It is time for big internet to join terrorism fight: ALP

Australian Labor Party leader Bill Shorten has called on Google, Facebook, and Twitter to do more on fighting terrorism.
Written by Chris Duckett, Contributor

The cavalcade of global political leaders deciding the internet is to blame for modern radicalisation has continued at pace in Australia, with opposition leader Bill Shorten calling on social media companies to step up.

"It is time for everyone to join the fight against terrorism," Shorten said to reporters on Tuesday. "It is time for Twitter, Facebook, and Google to join the fight against terrorism."

"We need to make it clear that everyone can do their part to keep our country and our people safe and it is time for big internet to also join this fight."

The opposition leader said it was no good fighting 21st Century battles with 20th Century weapons, and that terrorists should not be able to hide online.

Shorten's comments arrive on the heels of Australian Prime Minister Malcolm Turnbull saying the same clutch of companies were too tolerant of extremist material.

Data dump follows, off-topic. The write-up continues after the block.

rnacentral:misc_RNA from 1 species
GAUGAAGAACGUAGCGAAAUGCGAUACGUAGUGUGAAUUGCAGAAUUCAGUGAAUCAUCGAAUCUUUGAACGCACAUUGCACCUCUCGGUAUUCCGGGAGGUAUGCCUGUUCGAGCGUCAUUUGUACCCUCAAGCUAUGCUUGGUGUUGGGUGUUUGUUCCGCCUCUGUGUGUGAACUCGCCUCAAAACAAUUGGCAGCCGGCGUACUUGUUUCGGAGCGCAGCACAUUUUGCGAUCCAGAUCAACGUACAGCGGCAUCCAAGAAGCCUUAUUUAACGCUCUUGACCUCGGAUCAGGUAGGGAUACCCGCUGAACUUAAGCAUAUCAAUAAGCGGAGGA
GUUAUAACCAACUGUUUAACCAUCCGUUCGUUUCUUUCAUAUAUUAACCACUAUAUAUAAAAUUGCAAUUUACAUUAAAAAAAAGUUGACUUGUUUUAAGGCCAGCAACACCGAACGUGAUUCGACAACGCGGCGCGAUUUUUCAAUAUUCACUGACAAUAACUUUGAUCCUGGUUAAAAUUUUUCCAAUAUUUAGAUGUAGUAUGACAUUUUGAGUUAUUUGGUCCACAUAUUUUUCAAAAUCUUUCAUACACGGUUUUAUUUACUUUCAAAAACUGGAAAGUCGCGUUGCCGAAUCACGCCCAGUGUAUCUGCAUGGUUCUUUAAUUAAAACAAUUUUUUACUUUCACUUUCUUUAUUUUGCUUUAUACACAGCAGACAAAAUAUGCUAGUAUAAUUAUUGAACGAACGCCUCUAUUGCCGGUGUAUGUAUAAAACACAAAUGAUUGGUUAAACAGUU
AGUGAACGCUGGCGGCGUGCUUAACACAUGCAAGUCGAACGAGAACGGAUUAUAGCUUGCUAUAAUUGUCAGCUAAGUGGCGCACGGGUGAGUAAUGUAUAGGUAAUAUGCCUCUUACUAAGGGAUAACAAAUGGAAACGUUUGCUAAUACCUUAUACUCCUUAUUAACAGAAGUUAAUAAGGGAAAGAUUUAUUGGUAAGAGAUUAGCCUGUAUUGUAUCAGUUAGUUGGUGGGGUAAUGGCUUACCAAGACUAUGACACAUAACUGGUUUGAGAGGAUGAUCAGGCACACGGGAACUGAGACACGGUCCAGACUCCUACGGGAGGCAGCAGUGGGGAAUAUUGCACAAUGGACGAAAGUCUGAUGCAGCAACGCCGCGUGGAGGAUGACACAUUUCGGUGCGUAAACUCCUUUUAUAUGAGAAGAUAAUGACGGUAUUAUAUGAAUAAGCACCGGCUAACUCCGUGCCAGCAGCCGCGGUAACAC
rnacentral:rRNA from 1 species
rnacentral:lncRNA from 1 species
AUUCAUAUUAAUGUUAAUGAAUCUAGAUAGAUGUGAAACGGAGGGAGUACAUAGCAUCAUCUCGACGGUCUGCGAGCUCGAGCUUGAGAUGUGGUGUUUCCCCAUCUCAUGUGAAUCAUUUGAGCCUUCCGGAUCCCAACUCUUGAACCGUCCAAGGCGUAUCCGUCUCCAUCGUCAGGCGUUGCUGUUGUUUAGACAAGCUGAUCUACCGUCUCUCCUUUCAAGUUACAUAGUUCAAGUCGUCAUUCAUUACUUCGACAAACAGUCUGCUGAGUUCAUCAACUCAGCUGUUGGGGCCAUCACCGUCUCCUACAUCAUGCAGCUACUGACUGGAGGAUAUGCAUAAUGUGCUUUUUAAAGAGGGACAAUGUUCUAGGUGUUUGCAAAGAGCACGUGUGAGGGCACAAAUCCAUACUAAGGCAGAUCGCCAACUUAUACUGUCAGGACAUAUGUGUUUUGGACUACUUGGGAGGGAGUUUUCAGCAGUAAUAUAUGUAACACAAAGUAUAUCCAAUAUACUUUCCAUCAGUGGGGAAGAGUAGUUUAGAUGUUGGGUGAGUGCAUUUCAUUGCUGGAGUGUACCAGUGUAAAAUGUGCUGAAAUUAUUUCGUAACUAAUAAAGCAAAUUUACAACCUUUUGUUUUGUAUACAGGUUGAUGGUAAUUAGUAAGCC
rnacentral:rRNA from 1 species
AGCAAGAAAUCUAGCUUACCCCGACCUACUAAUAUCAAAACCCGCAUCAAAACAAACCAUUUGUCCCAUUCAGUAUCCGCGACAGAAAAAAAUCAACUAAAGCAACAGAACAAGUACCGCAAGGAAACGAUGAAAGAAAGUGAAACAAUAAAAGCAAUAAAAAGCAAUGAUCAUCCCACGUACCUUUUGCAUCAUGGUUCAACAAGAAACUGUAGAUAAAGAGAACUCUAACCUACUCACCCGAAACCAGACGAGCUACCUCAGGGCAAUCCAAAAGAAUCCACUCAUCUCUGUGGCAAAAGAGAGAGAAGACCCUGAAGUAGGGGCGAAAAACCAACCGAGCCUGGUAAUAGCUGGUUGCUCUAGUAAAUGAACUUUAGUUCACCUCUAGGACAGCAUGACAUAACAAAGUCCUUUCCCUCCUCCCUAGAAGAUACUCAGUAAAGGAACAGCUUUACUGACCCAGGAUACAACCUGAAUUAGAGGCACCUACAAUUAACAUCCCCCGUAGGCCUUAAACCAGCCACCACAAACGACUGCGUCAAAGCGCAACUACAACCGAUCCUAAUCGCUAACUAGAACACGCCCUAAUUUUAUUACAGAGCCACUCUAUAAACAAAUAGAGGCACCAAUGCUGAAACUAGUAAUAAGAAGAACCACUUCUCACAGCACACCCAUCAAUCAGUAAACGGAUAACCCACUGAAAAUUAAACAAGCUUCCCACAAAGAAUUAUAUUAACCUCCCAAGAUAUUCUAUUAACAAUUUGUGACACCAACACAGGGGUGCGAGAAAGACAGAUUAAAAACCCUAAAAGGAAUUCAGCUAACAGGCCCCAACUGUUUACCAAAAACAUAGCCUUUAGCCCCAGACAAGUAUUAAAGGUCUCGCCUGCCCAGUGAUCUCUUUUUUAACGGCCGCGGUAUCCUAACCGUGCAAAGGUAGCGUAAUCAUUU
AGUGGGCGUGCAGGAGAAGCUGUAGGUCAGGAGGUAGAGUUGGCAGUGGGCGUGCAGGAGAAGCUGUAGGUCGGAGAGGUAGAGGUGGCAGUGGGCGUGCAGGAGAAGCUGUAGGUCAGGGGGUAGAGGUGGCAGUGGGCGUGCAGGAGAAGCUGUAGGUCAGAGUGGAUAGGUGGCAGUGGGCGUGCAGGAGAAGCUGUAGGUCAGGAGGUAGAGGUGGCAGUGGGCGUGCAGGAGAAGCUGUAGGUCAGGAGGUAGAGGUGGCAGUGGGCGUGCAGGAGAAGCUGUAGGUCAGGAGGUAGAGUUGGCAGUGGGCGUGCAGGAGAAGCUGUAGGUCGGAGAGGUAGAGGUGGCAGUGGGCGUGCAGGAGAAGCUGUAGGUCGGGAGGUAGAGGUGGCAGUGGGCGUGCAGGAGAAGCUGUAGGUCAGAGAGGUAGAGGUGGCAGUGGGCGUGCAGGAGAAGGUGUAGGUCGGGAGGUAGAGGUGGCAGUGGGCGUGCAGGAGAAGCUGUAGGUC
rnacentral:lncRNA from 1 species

However, Turnbull went one step further and called on the private sector to help bust the encryption of their users.

"We need these global social media messaging companies to assist in providing access to encrypted communications, which are used by billions of people," Turnbull said on Monday.

"The security services need to get access to them."

Labor has not responded to requests for comment from ZDNet on the party's stance towards breaking encryption posed yesterday.

Over the weekend, British Prime Minister Theresa May called for the introduction of rules to "deprive the extremists of their safe spaces online", and also hit out at technology firms for not doing enough.

"We cannot allow this ideology the safe space it needs to breed. Yet, that is precisely what the internet and the big companies that provide internet-based services provide," said May.

May's comments followed the UK suffering its third terrorist attack in four months.

Last week, Australian Federal Police (AFP) Commissioner Andrew Colvin said tackling the online world is a "genuinely wicked problem" for police forces.

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